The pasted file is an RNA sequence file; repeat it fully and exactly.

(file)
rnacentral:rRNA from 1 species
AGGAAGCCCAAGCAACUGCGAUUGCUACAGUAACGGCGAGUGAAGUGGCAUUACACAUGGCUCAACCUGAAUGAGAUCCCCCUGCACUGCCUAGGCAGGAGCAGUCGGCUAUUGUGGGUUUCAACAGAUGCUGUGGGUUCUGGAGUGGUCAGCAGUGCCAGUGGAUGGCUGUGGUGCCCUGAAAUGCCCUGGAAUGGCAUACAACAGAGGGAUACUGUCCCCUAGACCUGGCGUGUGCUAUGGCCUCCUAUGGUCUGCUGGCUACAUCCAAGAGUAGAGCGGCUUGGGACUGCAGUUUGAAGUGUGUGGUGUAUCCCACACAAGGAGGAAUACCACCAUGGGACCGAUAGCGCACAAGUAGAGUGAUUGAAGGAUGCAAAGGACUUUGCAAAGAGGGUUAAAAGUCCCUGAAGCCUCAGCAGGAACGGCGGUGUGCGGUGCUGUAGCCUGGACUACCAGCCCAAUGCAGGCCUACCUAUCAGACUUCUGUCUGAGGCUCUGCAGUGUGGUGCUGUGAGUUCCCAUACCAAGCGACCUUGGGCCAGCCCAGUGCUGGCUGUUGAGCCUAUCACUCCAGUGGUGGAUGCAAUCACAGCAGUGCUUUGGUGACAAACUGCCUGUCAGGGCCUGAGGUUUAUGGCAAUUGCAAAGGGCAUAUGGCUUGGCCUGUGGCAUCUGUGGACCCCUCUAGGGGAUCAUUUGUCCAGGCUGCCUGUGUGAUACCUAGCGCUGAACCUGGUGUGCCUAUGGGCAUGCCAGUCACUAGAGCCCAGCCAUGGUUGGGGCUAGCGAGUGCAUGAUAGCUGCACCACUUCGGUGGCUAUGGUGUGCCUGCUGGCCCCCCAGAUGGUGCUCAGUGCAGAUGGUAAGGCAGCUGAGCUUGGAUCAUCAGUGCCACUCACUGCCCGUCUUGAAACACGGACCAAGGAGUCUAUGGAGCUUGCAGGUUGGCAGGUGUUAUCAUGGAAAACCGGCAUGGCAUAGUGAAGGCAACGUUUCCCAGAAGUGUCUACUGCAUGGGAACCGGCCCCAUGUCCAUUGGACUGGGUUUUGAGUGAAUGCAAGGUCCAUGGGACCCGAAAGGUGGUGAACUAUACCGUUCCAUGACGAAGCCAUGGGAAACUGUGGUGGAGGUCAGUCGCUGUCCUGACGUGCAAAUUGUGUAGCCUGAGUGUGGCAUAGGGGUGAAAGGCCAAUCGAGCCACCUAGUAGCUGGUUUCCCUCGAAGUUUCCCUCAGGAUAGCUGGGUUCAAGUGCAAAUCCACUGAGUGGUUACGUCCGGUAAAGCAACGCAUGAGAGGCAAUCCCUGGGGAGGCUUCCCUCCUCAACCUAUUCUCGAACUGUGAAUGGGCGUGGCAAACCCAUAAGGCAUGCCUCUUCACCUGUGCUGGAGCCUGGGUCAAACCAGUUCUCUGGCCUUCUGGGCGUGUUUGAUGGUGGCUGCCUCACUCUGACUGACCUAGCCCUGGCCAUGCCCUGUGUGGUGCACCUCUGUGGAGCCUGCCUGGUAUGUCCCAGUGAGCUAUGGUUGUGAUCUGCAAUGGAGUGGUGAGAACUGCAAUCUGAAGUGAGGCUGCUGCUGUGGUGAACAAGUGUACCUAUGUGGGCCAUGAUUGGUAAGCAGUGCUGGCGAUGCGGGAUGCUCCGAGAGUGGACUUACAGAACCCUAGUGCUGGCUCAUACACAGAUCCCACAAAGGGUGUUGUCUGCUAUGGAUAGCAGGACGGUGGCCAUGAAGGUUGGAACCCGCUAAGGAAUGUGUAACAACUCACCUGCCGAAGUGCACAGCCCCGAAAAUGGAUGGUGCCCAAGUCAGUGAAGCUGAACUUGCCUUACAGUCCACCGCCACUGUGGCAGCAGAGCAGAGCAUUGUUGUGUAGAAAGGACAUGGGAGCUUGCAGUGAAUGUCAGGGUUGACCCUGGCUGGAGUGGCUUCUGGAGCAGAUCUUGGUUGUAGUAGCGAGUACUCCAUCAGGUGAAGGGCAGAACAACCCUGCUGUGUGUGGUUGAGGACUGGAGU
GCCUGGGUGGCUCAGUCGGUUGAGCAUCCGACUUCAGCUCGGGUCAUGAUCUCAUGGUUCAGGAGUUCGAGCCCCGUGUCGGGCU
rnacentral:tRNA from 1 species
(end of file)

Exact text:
rnacentral:rRNA from 1 species
AGGAAGCCCAAGCAACUGCGAUUGCUACAGUAACGGCGAGUGAAGUGGCAUUACACAUGGCUCAACCUGAAUGAGAUCCCCCUGCACUGCCUAGGCAGGAGCAGUCGGCUAUUGUGGGUUUCAACAGAUGCUGUGGGUUCUGGAGUGGUCAGCAGUGCCAGUGGAUGGCUGUGGUGCCCUGAAAUGCCCUGGAAUGGCAUACAACAGAGGGAUACUGUCCCCUAGACCUGGCGUGUGCUAUGGCCUCCUAUGGUCUGCUGGCUACAUCCAAGAGUAGAGCGGCUUGGGACUGCAGUUUGAAGUGUGUGGUGUAUCCCACACAAGGAGGAAUACCACCAUGGGACCGAUAGCGCACAAGUAGAGUGAUUGAAGGAUGCAAAGGACUUUGCAAAGAGGGUUAAAAGUCCCUGAAGCCUCAGCAGGAACGGCGGUGUGCGGUGCUGUAGCCUGGACUACCAGCCCAAUGCAGGCCUACCUAUCAGACUUCUGUCUGAGGCUCUGCAGUGUGGUGCUGUGAGUUCCCAUACCAAGCGACCUUGGGCCAGCCCAGUGCUGGCUGUUGAGCCUAUCACUCCAGUGGUGGAUGCAAUCACAGCAGUGCUUUGGUGACAAACUGCCUGUCAGGGCCUGAGGUUUAUGGCAAUUGCAAAGGGCAUAUGGCUUGGCCUGUGGCAUCUGUGGACCCCUCUAGGGGAUCAUUUGUCCAGGCUGCCUGUGUGAUACCUAGCGCUGAACCUGGUGUGCCUAUGGGCAUGCCAGUCACUAGAGCCCAGCCAUGGUUGGGGCUAGCGAGUGCAUGAUAGCUGCACCACUUCGGUGGCUAUGGUGUGCCUGCUGGCCCCCCAGAUGGUGCUCAGUGCAGAUGGUAAGGCAGCUGAGCUUGGAUCAUCAGUGCCACUCACUGCCCGUCUUGAAACACGGACCAAGGAGUCUAUGGAGCUUGCAGGUUGGCAGGUGUUAUCAUGGAAAACCGGCAUGGCAUAGUGAAGGCAACGUUUCCCAGAAGUGUCUACUGCAUGGGAACCGGCCCCAUGUCCAUUGGACUGGGUUUUGAGUGAAUGCAAGGUCCAUGGGACCCGAAAGGUGGUGAACUAUACCGUUCCAUGACGAAGCCAUGGGAAACUGUGGUGGAGGUCAGUCGCUGUCCUGACGUGCAAAUUGUGUAGCCUGAGUGUGGCAUAGGGGUGAAAGGCCAAUCGAGCCACCUAGUAGCUGGUUUCCCUCGAAGUUUCCCUCAGGAUAGCUGGGUUCAAGUGCAAAUCCACUGAGUGGUUACGUCCGGUAAAGCAACGCAUGAGAGGCAAUCCCUGGGGAGGCUUCCCUCCUCAACCUAUUCUCGAACUGUGAAUGGGCGUGGCAAACCCAUAAGGCAUGCCUCUUCACCUGUGCUGGAGCCUGGGUCAAACCAGUUCUCUGGCCUUCUGGGCGUGUUUGAUGGUGGCUGCCUCACUCUGACUGACCUAGCCCUGGCCAUGCCCUGUGUGGUGCACCUCUGUGGAGCCUGCCUGGUAUGUCCCAGUGAGCUAUGGUUGUGAUCUGCAAUGGAGUGGUGAGAACUGCAAUCUGAAGUGAGGCUGCUGCUGUGGUGAACAAGUGUACCUAUGUGGGCCAUGAUUGGUAAGCAGUGCUGGCGAUGCGGGAUGCUCCGAGAGUGGACUUACAGAACCCUAGUGCUGGCUCAUACACAGAUCCCACAAAGGGUGUUGUCUGCUAUGGAUAGCAGGACGGUGGCCAUGAAGGUUGGAACCCGCUAAGGAAUGUGUAACAACUCACCUGCCGAAGUGCACAGCCCCGAAAAUGGAUGGUGCCCAAGUCAGUGAAGCUGAACUUGCCUUACAGUCCACCGCCACUGUGGCAGCAGAGCAGAGCAUUGUUGUGUAGAAAGGACAUGGGAGCUUGCAGUGAAUGUCAGGGUUGACCCUGGCUGGAGUGGCUUCUGGAGCAGAUCUUGGUUGUAGUAGCGAGUACUCCAUCAGGUGAAGGGCAGAACAACCCUGCUGUGUGUGGUUGAGGACUGGAGU
GCCUGGGUGGCUCAGUCGGUUGAGCAUCCGACUUCAGCUCGGGUCAUGAUCUCAUGGUUCAGGAGUUCGAGCCCCGUGUCGGGCU
rnacentral:tRNA from 1 species